T. K. V. Desikachar’s famous book, “The Heart of Yoga” is popularly assigned reading during 200 hour teacher trainings. In it, one particular excerpt speaks to his student-oriented approach, perhaps in noteworthy contrast to popular contemporary practices. It reads:
“I must create an atmosphere in my classes in which each student can find his or her own way to yoga. I have to realize that each of my students is not the same person today as they were yesterday, and not at all the same as when they came last week, perhaps with similar question. This is the most important message my father passed on, and it is essentially the opposite of what is current being taught in most places.”
Yoga is less about the practice than it is about the individual person. In a brilliant way, yoga is every person’s artistry of her/his self-expression and full potential, and it knows no bounds. Prisoners can be graceful butterflies in supta baddha konasana and internationally recognized professors can be “cats and cows,” right along side you.
Yoga is magic in its own playful way, yet also intensely challenging. Ultimately, among many things yoga brings one’s awareness to their tendencies or altogether lacking of self-regulation. Once a practitioner masters their own mind and behaviors, yoga and meditation allow an individual to develop their intuition, and realize their potential with greater compassion, empathy and altruism.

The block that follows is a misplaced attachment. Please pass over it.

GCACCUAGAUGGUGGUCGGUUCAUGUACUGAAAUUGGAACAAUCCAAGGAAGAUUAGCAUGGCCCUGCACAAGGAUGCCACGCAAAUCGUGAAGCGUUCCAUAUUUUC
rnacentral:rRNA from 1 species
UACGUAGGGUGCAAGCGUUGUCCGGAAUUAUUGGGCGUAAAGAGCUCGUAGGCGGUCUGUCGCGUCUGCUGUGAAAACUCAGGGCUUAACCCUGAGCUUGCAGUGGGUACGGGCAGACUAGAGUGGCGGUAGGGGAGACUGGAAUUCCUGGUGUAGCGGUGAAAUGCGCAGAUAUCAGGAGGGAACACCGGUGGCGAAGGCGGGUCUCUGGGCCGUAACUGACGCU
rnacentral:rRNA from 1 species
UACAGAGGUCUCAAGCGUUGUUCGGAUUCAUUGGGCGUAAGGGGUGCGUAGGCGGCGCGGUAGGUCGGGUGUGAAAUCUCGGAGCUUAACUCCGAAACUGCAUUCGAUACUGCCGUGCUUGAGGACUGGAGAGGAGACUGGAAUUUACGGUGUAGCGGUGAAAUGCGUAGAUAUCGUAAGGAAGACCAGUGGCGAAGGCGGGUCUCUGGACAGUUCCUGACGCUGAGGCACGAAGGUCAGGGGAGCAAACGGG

This is the method and approach that ‘A Year in Yoga’ brings to its students and clients. Whether in a classroom setting, or one on one with corporate clients, community clinics, hospitals or detention facilities, A Year in Yoga aims to help each practitioner identify the many complex factors and qualities at play in one’s own thought patterns to reveal naturally healthier, happier ways of being – by and for oneself. Returning to age-old philosophy and techniques aimed at utilizing the practice of yoga to observe one’s own mind and body, practitioners are able to recognize self-assertive tendencies which may be troublesome or a hindrance to reaching one’s goals, and ultimately support one’s overall health and well-being – from the inside, out.
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